Are the World’s IT Infrastructures Today Even Too Complex for IBMWatson? It’s All About Generating The “Right
Posted Jan 08 2014 12:19pm
I have written several posts about the IBMWatson technology and sure when can crunch huge data bases of information and zero in on what you are pursuing as far as information that will help you make a better decision, what’s not to like and find value. Machine learning technologies have some limitations too according to this article. This is not IBM, but here’s what Google did to me, as it had not “learned enough” yet and their algorithms decided my name was not “machine compliant” and basically when reading all of the definitions of the word “duck” it has not run across it as a surname. This is why the process of “learning enough” is important.
Sure we have all read the news about Watson diagnosing and finding buried information relating to cancer but we come back around to the word “context” and I think that plays a role here too as we try and get the machines to think like a human as best we can and there still some short comings there obviously, work in progress, so too soon in some areas for high levels of confidence. The data may all be accurate in what it delivers, but is it in context of what you want for results?
Sure I wrote about Citibank going to use the Watson resources and saw it as a bit of a competitive threat for competitors and it still could be but after reading this article again we seem to come back to “context”. Scroll on down to the footer of this blog and watch the first video named “Context is Everything” and see what you think. Siefe does a good job in explaining how we get duped today with quantitated justifications…and it’s alive and well out there as we do put too much stock in numbers at times and they need to be accurate and work with the real world.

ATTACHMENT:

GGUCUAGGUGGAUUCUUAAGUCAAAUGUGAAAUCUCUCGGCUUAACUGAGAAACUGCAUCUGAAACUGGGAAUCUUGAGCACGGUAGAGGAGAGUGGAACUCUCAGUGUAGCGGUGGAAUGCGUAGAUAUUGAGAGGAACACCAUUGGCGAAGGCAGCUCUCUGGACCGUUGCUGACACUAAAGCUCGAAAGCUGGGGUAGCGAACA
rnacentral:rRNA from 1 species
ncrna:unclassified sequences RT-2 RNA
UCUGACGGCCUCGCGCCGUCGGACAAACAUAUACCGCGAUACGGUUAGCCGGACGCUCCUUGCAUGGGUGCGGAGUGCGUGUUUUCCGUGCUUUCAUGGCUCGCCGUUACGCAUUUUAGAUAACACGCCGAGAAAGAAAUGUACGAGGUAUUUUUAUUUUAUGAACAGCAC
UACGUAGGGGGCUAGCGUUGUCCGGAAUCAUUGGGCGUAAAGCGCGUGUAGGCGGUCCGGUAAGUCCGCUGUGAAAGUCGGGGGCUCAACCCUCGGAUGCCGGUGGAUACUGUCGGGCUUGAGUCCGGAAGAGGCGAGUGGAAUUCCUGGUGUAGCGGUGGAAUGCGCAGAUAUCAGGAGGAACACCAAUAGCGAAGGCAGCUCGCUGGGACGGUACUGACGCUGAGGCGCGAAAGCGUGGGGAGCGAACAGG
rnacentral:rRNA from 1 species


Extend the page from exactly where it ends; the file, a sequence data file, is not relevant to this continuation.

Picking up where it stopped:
WellPoint health insurance is also out there as an IBM reseller and from reading what it stated here, it’s going to be a while before we can really tackle the “context” issue, and I write about that almost every day myself. I used to write software and thus know the data mechanics as I had to work and rework tons of queries myself to make sure on a simple SQL basis that they were delivering the right information and that it filtered though the software in screens to give the appropriate context to users. That really is a very big deal and takes time so you can read here how the doctors are working to get the same type of results here as well, except they have a lot more data and query functionalities to worry about for sure.
When IBMWatson first came out, I thought it would be great for Congress to use it to query and get information they need to create laws and I still think so rather than seeing a bunch of “carpetbagged” analytics and everyone fighting over who’s numbers are correct as they could all start with the same numbers this way. Had a conversation on the web with a banker last year and we both agreed that half of the analytics folks invest in will be a waste of money as the value won’t be there, yeah, rare me agreeing with a banker.
Here’s a couple posts where I talked about potential use in Congress with using speech recognition as even the lowest common denominator in who we elect with technology skills could participate and not get left out. If we had smarter folks in Congress we probably wouldn’t see the huge number of filibusters as that’s what happens when folks kind of run scared and don’t understand current day methodologies and technology I feel. The process still represents a good tool and 100% improvement over what we see today in DC.